Whether we’re gearing up for a day at the home office or working from HQ, most of us here at tentree start our day off with a cup of coffee (and continue to fuel ourselves throughout the day with a few more cups). On the marketing team, the meeting didn’t happen if there wasn’t at least one iced coffee consumed. Given our caffeine-fiending ways, we set out to find the most eco-friendly way to make a cup of coffee. In our investigation, we looked at a few things: waste, compostability, and energy use. Here’s what we found.
No matter how you make your coffee, there is always going to be a waste byproduct. If you make coffee in a pod coffee maker, there’s plastic and coffee grounds. If you use a drip coffee maker, a pour-over, an AeroPress, or something similar, there’s a filter, usually paper or bamboo, and coffee grounds.
In terms of the most wasteful, the pod coffee maker was the biggest culprit with its single-use plastic. Although some compostable options are available now, not all facilities accept them or have the ability to break them down properly. We found the least wasteful option was the French press, which requires no filter. Your only waste product with this method of brewing your bean juice is the coffee grounds themselves.
Winner: French press
Whatever method you’re using, it’s important to note that coffee grounds are compostable, which is a great, eco-friendly way to dispose of your old grounds. But what about those coffee filters?
A pod coffee maker is automatically out of the running for this category with its plastic waste byproduct. Sorry, our little pod-filled friend.
Coffee filters can be composted, but we recommend only composting brown filters. White coffee filters are sometimes treated with bleach and other synthetic chemicals, which could harm the overall health of your compost heap. To make things easy, you can take all the guesswork out by skipping the filters entirely when you go with the winner of this round — the French press takes it again.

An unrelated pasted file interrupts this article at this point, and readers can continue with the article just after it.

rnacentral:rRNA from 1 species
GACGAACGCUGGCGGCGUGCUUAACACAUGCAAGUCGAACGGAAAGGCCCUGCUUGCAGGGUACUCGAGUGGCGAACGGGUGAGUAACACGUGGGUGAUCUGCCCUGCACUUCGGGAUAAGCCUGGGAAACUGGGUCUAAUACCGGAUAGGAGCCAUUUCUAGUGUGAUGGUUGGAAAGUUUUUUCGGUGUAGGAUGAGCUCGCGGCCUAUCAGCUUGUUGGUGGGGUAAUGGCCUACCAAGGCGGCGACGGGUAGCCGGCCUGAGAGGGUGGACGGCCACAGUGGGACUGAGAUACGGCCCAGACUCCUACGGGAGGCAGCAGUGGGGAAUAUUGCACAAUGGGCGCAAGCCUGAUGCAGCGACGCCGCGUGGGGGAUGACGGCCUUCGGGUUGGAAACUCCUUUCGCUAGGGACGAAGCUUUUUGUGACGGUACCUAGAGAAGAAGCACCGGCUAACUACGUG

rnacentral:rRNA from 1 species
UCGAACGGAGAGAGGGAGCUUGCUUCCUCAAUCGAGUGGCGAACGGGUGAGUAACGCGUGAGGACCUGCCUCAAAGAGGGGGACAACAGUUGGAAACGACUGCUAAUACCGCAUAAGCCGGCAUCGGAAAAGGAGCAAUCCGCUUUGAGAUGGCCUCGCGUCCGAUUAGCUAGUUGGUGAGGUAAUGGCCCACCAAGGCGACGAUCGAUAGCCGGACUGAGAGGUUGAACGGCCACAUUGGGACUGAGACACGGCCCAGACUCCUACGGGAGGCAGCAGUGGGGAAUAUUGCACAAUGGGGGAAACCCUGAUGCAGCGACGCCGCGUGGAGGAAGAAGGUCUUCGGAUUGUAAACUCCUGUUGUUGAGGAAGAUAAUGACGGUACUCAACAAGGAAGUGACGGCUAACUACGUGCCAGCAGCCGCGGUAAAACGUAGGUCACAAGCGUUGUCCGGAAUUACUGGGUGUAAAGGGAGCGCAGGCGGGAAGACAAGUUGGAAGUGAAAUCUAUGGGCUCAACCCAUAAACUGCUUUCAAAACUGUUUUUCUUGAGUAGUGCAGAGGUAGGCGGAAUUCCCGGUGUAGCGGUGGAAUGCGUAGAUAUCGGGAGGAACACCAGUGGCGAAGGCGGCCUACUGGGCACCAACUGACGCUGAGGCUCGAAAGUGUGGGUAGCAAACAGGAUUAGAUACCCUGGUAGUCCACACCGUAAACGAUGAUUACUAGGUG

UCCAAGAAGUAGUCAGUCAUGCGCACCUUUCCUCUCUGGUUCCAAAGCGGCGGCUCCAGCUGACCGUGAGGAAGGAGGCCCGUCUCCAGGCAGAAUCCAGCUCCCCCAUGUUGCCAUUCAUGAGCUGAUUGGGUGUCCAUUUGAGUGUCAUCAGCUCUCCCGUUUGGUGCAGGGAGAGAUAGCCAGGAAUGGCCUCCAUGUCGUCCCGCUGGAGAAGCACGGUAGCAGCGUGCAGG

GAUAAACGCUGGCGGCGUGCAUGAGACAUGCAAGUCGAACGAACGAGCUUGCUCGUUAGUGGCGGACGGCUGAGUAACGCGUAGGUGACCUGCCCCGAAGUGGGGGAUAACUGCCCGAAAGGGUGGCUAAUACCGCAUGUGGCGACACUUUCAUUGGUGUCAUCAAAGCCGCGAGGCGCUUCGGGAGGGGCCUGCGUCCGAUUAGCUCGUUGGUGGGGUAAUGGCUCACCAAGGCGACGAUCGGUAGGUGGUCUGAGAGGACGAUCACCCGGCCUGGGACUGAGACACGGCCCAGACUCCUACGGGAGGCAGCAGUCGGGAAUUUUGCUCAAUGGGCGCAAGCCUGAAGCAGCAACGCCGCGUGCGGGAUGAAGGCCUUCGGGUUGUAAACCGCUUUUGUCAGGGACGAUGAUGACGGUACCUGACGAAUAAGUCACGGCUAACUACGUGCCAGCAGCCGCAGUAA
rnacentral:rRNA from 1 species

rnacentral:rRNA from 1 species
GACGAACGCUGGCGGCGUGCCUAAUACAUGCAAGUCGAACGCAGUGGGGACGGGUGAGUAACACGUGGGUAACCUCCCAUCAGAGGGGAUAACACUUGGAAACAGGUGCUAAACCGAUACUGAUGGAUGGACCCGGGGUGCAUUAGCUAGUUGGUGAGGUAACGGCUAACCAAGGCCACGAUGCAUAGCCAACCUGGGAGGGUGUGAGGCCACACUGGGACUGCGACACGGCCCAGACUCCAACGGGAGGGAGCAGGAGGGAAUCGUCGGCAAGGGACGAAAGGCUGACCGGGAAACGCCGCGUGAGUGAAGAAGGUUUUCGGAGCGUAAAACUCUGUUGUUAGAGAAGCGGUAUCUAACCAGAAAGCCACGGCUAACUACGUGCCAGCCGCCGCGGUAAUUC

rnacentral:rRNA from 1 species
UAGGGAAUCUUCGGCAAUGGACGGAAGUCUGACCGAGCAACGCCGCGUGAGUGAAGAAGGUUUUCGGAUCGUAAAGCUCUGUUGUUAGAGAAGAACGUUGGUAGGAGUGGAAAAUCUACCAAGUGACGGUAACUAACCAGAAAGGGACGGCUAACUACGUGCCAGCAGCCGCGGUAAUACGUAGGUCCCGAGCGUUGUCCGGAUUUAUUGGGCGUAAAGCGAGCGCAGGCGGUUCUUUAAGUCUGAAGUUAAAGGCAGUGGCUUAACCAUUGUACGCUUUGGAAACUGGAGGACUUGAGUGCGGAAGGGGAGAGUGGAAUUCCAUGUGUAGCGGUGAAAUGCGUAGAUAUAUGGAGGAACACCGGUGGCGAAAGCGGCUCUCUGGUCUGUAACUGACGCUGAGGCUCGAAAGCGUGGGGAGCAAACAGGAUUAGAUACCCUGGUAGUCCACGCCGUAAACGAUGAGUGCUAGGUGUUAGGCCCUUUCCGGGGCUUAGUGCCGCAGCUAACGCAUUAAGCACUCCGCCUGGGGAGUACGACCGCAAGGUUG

Winner: French press.
All coffee-making methods use some amount of electricity to heat up the water (although cold brew is an option). For this round, we did a little research on which option uses the most electricity. The results are admittedly kind of underwhelming, but here’s what we found.
- An electric kettle used to heat water for a pot of coffee made with a French press or pour-over method, on average, uses around 1,600 watts of electricity.
- A drip coffee maker uses approximately the same amount of energy as the electric kettle – between 1,200 and 1,700 watts.
- A pod coffee maker will use approximately 1,500 watts of electricity.
In this calculation, we also took idle energy use into consideration. Once your coffee has been brewed, it takes more electricity to keep it hot. This one’s a little tricky to measure, but assuming that the average coffee pot remains on for a while after the coffee is made, the electric kettle may be the most energy-efficient option.
Winner: Electric kettle and by proximity, French press and pour-over.
When you break it all down, it appears that the French press is the most eco-friendly way to brew your next cup. There are no filters involved, the grounds are completely compostable, and the electric kettle (likely) uses less energy than a drip coffee pot or a pod-style coffee maker.
If you’re currently using a regular coffee pot, we aren’t suggesting that you junk it in favor of a French press. But when the time does come to let it go, make sure you donate it to a charity or second-hand shop so it can be resold and reused.
Before we sign off, here are a couple of other tips to help you keep your next cup as sustainable as it is energizing.
Look for labels with Fairtrade/organic certifications.
Fairtrade ensures that the farmers and workers in the supply chain are being paid and treated fairly.
Try and remember your reusable mug.
Although Covid has currently put this on hold, if you’re grabbing a coffee on the go, try and skip the single-use cups for a more sustainable alternative.